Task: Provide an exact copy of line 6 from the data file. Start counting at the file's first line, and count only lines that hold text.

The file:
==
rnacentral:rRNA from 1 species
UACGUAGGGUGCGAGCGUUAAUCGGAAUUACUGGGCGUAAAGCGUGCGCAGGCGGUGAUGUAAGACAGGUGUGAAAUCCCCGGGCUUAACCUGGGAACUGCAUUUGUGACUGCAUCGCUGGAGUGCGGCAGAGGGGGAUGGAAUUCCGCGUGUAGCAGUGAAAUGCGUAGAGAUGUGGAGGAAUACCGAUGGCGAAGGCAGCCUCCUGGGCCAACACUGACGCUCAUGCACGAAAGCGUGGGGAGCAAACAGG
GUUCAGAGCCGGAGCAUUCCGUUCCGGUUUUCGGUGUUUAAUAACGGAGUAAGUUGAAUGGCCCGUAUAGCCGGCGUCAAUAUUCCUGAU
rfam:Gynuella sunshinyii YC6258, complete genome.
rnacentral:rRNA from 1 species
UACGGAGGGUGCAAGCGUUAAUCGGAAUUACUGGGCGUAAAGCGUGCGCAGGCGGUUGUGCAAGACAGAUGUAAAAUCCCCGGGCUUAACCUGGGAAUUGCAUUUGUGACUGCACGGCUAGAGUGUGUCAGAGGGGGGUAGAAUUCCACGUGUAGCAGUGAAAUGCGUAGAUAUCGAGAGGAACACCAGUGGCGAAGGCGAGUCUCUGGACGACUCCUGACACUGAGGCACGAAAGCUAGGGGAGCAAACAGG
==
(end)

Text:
UACGGAGGGUGCAAGCGUUAAUCGGAAUUACUGGGCGUAAAGCGUGCGCAGGCGGUUGUGCAAGACAGAUGUAAAAUCCCCGGGCUUAACCUGGGAAUUGCAUUUGUGACUGCACGGCUAGAGUGUGUCAGAGGGGGGUAGAAUUCCACGUGUAGCAGUGAAAUGCGUAGAUAUCGAGAGGAACACCAGUGGCGAAGGCGAGUCUCUGGACGACUCCUGACACUGAGGCACGAAAGCUAGGGGAGCAAACAGG